Kids take class outdoors
STUDENTS from schools across the town left the warmth of their classrooms to take part in the RSPB’s Big Schools’ Birdwatch.
It is a national scheme organised by the Royal Society for the Protection of Birds to track different species across the UK and encourage more youngsters to take an interest in our feathered friends.
Experts from the RSPB were on hand at all the schools to lend binoculars and spotting scopes, as well as explain which type of birds the children were spotting.
In the first week of the scheme children from Hurdsfield Primary School, Kettleshulme St James, Prestbury CE Primary School, Bosley St Mary’s and Bobkins Nurs- ery have all been counting the birds in their school grounds, with pupils from Hurdsfield heading to Victoria Park.
Last year, the blackbird topped the Big Schools’ Birdwatch list for the sixth year running, with starlings coming in second place and seen in half of schools, despite being a species in severe decline nationally.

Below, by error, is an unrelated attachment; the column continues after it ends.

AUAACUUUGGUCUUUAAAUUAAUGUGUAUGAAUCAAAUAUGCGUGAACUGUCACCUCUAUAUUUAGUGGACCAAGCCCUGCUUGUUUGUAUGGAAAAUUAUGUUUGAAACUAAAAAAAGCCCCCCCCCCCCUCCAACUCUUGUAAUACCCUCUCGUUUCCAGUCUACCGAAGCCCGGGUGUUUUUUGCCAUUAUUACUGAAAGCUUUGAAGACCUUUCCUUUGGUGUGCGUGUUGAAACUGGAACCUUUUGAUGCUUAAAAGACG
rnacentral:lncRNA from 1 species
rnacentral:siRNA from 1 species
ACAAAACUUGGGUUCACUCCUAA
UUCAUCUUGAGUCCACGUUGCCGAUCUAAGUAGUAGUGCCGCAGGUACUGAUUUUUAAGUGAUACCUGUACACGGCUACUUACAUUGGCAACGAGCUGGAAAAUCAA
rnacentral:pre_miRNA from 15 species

Results showed that of the top 25 birds species recorded in the latest survey, 19 of these were reported at lower numbers compared to the previous year.
Last year’s mild winter might explain why birds weren’t having to rely on gardens and schools grounds to feed. They probably had an easier time than experienced during 2013’s very cold and snowy Big Schools’ Birdwatch.
Tina Hanak, a group leader for the Macclesfield RSPB Young Explorers, said: “Each year more and more schools get involved in the Big Schools’ Birdwatch.
“It is a fabulous activity that encourages children to make real connections to nature.
“We are hoping the enthusiasm we witness first-hand in school yards will translate into even more people taking part in the Big Garden Birdwatch at the end of the month.”
Find more information about local RSPB activities for young people on the website at www.macclesfieldrspb. org.uk.
Top and above: Children from Kettleshulme Primary School identify the different species of birds; left, students from Prestbury Primary School use the chart to spot the different birds; far left, students at Bosley St Mary’s gather to count 185 Canada geese; above left, pupils from Hurdsfield also donned the binoculars to get a better view of the garden birds